‘I’m sorry?’ Through his description of the fugitive, Hunter noticed that a slight flush had raised high up on the stranger’s cheeks.

‘You say that you ain’t vengeful, but you want revenge. I get a sense that this ain’t just about correcting the wrongs of the state. You on the side of The Law, but you ain’t usin’ them; you usin’ me.’

The stranger’s thin lips tightened to flesh. Like, his eyes narrowed. Hunter stopped chewing. He spat the rest of the tobacco onto the floor.

‘There is evil in this world,’ the stranger replied. ‘There always has been, since creation; there always will be. We will encounter it but we can never eradicate it. This man . . .’ The stranger put his fist to his lips. He tightened his fingers. Pensive, the stranger watched shadows of folk passing by on the other side of the window. Turning, he smiled at Hunter. ‘Recently I rescued a friend of mine from this sergeant. Like many others, I have come to learn, my friend had been illegally incarcerated, serving his imprisonment in the cruel care of this sergeant. Part of the reason why he was treated so badly? Because the sergeant recognised my friend from his past. My friend knew the sergeant’s true identity. As the man who murdered my father.’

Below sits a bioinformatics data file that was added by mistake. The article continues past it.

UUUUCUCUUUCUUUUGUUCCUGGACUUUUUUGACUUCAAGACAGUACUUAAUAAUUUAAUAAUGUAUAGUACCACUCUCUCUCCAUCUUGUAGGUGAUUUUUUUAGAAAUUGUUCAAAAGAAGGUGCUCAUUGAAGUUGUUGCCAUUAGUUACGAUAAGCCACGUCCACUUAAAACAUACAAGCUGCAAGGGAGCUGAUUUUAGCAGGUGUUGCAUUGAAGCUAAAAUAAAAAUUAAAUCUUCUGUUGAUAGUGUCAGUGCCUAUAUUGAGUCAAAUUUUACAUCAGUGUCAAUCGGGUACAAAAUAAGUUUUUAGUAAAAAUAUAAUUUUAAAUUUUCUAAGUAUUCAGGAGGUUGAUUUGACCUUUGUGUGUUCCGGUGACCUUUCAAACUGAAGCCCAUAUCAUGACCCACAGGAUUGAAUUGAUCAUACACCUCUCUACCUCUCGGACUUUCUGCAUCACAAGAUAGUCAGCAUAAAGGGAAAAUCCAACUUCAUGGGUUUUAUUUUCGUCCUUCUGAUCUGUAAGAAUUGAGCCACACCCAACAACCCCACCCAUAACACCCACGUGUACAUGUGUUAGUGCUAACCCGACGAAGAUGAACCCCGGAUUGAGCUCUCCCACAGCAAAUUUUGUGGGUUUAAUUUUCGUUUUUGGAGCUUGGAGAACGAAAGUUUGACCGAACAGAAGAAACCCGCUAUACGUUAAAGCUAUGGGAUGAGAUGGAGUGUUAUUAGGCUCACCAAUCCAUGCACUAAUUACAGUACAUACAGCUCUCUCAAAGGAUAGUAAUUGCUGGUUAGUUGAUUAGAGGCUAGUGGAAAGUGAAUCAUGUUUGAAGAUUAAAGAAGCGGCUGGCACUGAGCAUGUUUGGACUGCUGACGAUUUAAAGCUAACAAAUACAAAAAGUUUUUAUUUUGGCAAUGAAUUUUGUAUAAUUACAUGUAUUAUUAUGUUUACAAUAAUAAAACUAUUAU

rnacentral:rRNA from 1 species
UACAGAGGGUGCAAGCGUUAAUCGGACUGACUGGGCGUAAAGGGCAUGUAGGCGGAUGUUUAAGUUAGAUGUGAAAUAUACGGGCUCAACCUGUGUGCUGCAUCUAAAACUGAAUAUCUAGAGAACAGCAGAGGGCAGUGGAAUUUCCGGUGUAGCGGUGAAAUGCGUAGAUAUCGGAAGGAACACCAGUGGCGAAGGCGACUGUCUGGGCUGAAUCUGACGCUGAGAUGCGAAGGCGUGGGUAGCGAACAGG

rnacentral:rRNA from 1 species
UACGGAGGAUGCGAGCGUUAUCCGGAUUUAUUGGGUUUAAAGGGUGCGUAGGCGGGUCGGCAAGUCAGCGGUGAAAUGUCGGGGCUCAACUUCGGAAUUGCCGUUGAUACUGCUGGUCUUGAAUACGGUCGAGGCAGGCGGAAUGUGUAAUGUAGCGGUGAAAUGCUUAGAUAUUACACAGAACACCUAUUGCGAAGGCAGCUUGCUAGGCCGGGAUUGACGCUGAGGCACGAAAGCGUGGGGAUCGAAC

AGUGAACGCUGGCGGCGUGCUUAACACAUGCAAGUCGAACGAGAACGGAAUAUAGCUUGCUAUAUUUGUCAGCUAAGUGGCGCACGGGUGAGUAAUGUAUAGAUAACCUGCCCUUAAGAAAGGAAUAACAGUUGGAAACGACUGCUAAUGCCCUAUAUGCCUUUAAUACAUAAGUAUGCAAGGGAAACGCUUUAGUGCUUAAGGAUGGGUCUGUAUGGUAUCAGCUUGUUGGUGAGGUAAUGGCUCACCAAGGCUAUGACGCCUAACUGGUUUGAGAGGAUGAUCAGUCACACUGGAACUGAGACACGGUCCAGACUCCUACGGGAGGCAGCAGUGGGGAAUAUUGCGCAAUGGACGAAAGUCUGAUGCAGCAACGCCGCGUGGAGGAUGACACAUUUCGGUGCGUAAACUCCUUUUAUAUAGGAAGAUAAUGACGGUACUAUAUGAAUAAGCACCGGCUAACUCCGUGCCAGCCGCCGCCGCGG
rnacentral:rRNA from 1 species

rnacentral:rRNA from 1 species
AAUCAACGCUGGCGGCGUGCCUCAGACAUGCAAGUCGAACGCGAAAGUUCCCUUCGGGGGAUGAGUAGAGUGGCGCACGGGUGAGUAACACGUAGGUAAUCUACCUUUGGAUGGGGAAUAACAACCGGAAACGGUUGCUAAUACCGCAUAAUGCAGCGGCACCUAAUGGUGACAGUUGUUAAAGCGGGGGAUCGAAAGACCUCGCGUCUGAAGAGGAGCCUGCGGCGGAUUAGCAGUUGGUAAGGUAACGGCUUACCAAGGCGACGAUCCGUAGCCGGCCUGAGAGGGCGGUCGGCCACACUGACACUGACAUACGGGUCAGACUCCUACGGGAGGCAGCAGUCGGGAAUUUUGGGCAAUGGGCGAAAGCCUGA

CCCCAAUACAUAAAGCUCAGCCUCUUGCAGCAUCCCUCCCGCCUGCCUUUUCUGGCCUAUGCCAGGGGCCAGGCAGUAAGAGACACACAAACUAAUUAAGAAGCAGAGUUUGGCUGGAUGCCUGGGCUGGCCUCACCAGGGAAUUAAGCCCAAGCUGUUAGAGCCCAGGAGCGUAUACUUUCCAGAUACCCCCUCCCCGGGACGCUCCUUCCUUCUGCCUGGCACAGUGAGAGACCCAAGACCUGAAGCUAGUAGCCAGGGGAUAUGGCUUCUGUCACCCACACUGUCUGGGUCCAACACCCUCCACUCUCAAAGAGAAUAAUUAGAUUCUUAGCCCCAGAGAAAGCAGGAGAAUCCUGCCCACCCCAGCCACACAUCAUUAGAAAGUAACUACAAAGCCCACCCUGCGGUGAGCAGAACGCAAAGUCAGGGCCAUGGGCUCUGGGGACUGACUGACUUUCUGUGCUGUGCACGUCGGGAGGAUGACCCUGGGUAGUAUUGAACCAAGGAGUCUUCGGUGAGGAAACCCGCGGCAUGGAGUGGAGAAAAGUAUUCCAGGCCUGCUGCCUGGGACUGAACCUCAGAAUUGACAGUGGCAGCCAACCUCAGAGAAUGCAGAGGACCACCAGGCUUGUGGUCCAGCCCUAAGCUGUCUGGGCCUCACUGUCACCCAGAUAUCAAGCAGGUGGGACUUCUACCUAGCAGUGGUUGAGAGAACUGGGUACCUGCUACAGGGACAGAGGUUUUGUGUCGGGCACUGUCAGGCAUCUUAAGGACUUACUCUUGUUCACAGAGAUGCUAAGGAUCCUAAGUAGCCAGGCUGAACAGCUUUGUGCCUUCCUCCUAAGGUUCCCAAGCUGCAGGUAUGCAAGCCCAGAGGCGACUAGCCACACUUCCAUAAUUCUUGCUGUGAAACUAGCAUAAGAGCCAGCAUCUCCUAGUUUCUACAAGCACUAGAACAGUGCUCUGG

‘I see,’ Hunter said. ‘Sounds to me like reason enough for revenge. And you want him dead?’

‘That would be justice,’ the stranger answered with a nod. ‘But it would also save the lives of others.’

‘What’s his name, this sergeant?’

‘Jacob Helland.’

‘And where can I find Jacob Helland.’

Through the window, the sun was directly on the stranger. Again, he dabbed his forehead with his handkerchief. ‘I don’t know,’ he replied.